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What is meant by the "ordinary magisterium"?

What is meant by the ‘ordinary magisterium’?

Non-infallible magisterium is referred to also as ordinary magisterium. Immediately, a cautionary word should be sounded about what is “ordinary.” The term has undergone a significant transformation in the last two or so decades, particularly noticeable in the official language of the Holy See, be it in writings, be it in oral statements.

The expression “ordinary magisterium” in the standard theology textbooks published before Vatican Council II used to refer to the manner (modus) in which a point of doctrine was determined as an integral part of our faith not through the rather extraordinary act of a decree by a council, not through the extraordinary event of a papal definition, but through its consistent affirmation as Catholic doctrine by the popes and the bishops (in Vatican II terminology, by the college of bishops). For all practical purposes such an ordinary teaching was equivalent to a formal definition.

Interestingly enough this understanding of “ordinary magisterium” is retained in the new Code of Canon Law:

All that is contained in the word of God, as has been handed over in writing or by tradition, that is, [all] that is in the one deposit of faith entrusted to the church, and is proclaimed either by the solemn magisterium of the church, or by its ordinary and universal magisterium, which becomes manifest in the common assent of the faithful under the guidance of the sacred magisterium, must be believed with divine and Catholic faith; . . .all are bound, therefore, to reject doctrines contrary to it. (Canon 750). (14)

14. The text of the canon is taken from the Constitution Dei Filius by Vatican Council 1; cf. DS 3011.

The canon clearly implies that there are two ways of teaching infallibly: by solemn magisterium or by ordinary magisterium.

But the expression “ordinary magisterium” is used also in a different way, in particular by Roman authorities:

“The Church does not build its life upon its infallible magisterium alone but on the teaching of its authentic, ordinary magisterium as well. (Sacra Congregatio pro Doctrina Fidei, ]uly 25, 1986, Re Curran.) (15)

15. See Charles E. Curran, Faithful Dissent, (Kansas City: Sheed & Ward, 1986), p. 268. Cf. also Page, Qui est l’ Église?, vol. 3, p. 547: he warns about the different senses of magistère ordinaire.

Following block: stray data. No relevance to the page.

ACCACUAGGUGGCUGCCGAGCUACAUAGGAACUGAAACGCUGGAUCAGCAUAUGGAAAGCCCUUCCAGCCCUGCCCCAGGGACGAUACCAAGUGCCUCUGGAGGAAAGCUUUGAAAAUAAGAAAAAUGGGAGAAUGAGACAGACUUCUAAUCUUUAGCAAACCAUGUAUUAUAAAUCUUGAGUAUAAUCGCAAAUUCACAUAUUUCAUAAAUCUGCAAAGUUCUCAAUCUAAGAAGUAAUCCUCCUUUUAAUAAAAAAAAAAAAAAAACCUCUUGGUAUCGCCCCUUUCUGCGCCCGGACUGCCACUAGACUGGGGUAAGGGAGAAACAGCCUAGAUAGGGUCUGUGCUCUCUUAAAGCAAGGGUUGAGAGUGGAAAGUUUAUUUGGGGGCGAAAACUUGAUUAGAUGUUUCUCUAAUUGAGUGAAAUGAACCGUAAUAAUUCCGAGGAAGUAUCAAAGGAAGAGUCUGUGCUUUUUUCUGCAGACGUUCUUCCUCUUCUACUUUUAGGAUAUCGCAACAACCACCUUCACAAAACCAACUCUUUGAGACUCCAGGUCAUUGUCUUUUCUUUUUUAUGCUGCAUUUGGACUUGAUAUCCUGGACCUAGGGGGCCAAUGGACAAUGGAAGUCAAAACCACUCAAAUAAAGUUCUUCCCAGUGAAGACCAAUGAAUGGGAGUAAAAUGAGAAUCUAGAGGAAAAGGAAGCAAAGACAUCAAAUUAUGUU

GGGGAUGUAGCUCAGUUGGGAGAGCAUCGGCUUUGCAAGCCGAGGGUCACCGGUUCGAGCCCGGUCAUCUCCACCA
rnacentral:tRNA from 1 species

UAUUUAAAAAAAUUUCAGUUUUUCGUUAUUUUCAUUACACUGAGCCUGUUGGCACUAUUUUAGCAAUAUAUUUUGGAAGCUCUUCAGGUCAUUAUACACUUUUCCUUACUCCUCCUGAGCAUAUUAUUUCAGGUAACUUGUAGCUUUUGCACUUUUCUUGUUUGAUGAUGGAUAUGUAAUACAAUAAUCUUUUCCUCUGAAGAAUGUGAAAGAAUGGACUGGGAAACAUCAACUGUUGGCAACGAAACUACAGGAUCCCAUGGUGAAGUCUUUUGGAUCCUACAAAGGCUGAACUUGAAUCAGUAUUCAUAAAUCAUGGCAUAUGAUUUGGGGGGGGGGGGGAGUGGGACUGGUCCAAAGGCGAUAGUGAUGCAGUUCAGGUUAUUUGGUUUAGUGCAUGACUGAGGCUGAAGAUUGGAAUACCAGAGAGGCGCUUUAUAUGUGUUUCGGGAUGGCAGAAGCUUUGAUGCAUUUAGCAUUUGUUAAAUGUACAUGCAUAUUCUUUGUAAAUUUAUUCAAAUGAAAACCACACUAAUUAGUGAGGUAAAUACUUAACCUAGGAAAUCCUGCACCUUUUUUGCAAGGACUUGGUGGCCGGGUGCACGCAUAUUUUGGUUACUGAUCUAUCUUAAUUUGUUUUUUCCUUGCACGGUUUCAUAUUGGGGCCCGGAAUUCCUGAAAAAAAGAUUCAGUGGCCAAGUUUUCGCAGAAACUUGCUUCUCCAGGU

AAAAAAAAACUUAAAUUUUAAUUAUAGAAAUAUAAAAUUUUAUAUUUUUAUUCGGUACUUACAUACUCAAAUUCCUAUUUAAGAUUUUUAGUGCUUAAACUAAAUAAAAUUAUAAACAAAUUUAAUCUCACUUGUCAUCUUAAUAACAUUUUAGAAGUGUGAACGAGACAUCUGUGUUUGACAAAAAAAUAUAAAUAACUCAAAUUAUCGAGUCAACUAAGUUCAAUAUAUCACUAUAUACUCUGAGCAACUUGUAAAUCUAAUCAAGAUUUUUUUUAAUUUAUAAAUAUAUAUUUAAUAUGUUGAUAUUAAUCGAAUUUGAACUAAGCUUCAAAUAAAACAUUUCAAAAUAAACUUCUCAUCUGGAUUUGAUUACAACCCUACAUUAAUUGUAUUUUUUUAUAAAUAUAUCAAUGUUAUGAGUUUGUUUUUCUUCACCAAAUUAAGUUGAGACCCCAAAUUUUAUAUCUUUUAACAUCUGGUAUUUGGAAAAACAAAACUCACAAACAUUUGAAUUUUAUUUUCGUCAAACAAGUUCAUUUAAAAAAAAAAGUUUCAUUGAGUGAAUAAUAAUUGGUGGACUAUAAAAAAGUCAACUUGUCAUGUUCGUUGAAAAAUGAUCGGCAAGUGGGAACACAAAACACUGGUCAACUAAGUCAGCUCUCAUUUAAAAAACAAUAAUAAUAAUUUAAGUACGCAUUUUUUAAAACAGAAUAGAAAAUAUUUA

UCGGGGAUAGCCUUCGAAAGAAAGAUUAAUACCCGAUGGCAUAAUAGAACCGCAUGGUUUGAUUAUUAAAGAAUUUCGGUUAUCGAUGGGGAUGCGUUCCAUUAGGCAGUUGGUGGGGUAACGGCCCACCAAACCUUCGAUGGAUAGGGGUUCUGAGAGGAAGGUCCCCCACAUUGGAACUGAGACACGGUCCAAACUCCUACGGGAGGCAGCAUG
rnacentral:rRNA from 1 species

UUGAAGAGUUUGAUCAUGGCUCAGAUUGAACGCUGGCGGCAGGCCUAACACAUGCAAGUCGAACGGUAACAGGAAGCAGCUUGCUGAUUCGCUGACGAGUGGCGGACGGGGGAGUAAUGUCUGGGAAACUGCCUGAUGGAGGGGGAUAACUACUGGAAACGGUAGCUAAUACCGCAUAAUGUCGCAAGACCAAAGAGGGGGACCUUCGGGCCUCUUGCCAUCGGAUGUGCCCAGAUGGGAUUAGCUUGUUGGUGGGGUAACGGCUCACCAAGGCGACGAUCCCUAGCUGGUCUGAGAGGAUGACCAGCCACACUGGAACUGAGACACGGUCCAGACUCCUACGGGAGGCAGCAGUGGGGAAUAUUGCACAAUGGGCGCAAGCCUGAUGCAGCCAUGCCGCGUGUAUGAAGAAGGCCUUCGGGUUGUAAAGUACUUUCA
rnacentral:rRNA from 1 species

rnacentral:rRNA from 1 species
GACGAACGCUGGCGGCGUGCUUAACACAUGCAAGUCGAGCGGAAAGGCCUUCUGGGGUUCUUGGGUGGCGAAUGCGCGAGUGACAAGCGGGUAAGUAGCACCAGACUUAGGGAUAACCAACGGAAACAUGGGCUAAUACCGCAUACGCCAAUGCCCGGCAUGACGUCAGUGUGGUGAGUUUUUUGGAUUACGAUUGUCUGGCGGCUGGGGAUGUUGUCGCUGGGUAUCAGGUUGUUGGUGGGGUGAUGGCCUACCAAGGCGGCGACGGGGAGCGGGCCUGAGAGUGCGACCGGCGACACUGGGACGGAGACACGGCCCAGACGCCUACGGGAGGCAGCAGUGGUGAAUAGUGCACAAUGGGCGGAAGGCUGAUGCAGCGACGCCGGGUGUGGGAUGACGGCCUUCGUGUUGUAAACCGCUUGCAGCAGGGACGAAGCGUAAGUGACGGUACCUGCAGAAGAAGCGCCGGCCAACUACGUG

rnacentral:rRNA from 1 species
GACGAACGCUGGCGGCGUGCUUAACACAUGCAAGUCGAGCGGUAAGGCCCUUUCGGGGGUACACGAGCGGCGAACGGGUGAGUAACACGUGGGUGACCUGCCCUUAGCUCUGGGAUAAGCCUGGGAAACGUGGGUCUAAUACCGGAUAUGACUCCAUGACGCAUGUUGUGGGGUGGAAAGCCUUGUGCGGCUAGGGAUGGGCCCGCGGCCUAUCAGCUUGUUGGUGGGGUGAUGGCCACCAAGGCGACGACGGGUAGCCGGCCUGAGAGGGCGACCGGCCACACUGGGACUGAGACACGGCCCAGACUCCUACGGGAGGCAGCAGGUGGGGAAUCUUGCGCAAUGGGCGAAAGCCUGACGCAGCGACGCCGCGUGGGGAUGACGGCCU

On the basis of this text, the suggestion could be made that ordinary and universal teaching is infallible, while ordinary and non-universal is fallible. But the term universal is not precise enough to ground such an important distinction. After all, the ministry of Peter’s successor is certainly universal, his proclamations are, as a rule, addressed to the whole church, hence have a universal character, but without having necessarily the character of infallibility. The same could be said of the college of bishops: Vatican Council II was certainly a universal gathering; its proclamations could not have been more universal; yet, no one has ever asserted that they are infallible in all their parts.

The statement is substantially correct, but undoubtedly it uses the expression “ordinary magisterium” in a sense different from the one in the canon quoted; “ordinary” now is opposed to “infallible”. It refers to something less than the proclamation of a point of belief with full and final apostolic authority (whether in council or otherwise); it means simply the ordinary and usual teaching and preaching activity of the hierarchy, affirming a point of doctrine which (as yet) cannot be said to be part of our Catholic faith because (as yet) the church has not affirmed it with a conclusive judgment.

To call such teaching “ordinary magisterium” is a relatively new use of the term “ordinary.” In theory such an ambivalence in its meaning should cause no serious problem, provided we are aware of it, but in practice conflicts are bound to break out when ecclesiastical authorities begin to demand the same absolute obedience to their usual teaching and preaching as is due only to articles of faith, or when they attempt to impose their views with heavy (or subtle) penalties on all those who see the matter otherwise. (16)

16. In the years after Vatican Council II there has been much talk about “creeping infallibility,” meaning the tendency to regard doctrines not infallibly defined as if they had been so defined. To hold such exaggerations on a purely intellectual level is already bad enough, but when practical sanctions are taken against someone who does not accept them, the situation becomes even worse. Failure in truth may lead to failure in justice... (One more reason to promote sound, loyal and critical theological reflection!)

From: The Church: Learning and Teaching, by Ladislas Örsy, Michael Glazier 1987, chapter 2. Read the whole chapter here.

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